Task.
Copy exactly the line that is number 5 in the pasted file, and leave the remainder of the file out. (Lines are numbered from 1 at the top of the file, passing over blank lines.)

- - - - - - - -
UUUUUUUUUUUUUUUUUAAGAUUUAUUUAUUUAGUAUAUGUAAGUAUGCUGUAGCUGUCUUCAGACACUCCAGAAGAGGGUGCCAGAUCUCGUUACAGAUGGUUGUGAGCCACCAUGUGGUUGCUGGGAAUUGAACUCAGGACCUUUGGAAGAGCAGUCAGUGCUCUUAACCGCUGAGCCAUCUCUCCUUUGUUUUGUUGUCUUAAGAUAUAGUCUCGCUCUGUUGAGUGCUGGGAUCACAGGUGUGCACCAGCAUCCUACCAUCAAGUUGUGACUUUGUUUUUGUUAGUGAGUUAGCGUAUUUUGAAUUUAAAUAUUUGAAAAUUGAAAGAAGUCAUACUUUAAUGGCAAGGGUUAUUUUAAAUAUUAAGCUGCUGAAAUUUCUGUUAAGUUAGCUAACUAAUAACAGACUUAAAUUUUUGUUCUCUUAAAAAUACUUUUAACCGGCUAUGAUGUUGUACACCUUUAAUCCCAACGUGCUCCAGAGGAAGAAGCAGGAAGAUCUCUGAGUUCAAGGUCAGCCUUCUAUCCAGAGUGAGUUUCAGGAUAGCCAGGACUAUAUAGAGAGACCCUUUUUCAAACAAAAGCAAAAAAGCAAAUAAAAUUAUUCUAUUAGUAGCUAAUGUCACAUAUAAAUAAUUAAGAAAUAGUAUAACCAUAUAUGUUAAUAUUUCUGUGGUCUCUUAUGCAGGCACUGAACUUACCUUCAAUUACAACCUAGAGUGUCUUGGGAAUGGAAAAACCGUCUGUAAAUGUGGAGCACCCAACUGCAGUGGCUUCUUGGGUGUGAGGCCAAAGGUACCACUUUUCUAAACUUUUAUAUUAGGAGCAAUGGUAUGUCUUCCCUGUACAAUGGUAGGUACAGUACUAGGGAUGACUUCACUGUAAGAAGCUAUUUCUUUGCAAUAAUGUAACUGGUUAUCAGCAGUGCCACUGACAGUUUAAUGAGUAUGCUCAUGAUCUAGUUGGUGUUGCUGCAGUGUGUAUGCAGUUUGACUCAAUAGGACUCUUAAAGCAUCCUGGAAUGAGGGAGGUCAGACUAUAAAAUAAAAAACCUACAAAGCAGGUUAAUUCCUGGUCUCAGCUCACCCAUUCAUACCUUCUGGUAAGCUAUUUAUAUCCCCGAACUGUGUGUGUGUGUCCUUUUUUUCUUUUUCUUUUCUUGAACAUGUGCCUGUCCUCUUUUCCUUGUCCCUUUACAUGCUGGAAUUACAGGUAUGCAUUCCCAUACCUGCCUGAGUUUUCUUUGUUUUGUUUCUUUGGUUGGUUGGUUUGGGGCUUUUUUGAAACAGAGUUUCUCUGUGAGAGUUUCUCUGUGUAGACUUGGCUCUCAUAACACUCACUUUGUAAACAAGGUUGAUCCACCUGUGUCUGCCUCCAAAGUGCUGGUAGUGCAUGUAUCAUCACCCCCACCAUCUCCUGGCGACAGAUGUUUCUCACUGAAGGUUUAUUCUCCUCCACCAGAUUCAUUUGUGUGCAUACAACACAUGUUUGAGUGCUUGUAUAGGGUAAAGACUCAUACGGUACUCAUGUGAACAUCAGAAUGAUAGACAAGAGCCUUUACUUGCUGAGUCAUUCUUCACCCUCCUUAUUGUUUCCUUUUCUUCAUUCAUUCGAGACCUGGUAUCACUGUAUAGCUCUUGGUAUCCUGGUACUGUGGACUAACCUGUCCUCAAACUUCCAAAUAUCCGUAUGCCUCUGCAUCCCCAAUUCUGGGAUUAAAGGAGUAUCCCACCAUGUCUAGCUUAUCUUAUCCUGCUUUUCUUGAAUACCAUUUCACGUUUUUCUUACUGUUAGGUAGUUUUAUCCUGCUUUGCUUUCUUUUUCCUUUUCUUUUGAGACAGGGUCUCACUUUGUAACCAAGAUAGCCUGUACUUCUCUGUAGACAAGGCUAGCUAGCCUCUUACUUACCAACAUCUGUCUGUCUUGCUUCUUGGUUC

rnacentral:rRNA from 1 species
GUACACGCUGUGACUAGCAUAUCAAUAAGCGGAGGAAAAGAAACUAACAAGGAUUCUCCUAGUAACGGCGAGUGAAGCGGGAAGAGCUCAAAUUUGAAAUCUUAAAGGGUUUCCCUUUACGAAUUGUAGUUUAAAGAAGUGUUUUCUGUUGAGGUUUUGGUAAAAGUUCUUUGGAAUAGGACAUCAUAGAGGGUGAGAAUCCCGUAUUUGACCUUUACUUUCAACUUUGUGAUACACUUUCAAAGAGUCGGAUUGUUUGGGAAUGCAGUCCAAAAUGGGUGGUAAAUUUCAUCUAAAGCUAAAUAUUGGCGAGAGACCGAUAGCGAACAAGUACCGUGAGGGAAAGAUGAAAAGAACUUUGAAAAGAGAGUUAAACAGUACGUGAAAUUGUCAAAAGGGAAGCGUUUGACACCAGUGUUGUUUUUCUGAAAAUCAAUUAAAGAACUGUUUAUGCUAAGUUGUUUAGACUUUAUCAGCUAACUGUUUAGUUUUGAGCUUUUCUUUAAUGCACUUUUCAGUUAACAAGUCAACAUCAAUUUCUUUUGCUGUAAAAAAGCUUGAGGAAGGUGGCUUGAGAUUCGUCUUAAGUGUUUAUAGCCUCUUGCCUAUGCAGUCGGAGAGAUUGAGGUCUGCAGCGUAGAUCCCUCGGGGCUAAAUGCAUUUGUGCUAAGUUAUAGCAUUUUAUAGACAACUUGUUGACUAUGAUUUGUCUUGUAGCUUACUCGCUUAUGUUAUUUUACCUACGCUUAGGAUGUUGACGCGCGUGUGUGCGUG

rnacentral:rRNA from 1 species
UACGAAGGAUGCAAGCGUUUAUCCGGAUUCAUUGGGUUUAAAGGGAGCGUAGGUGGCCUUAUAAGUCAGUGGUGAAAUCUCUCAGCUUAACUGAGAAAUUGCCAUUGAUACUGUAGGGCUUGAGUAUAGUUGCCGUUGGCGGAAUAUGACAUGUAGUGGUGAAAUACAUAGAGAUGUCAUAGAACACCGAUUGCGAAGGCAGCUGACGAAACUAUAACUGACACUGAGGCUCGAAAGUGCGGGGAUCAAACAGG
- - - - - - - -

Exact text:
UACGAAGGAUGCAAGCGUUUAUCCGGAUUCAUUGGGUUUAAAGGGAGCGUAGGUGGCCUUAUAAGUCAGUGGUGAAAUCUCUCAGCUUAACUGAGAAAUUGCCAUUGAUACUGUAGGGCUUGAGUAUAGUUGCCGUUGGCGGAAUAUGACAUGUAGUGGUGAAAUACAUAGAGAUGUCAUAGAACACCGAUUGCGAAGGCAGCUGACGAAACUAUAACUGACACUGAGGCUCGAAAGUGCGGGGAUCAAACAGG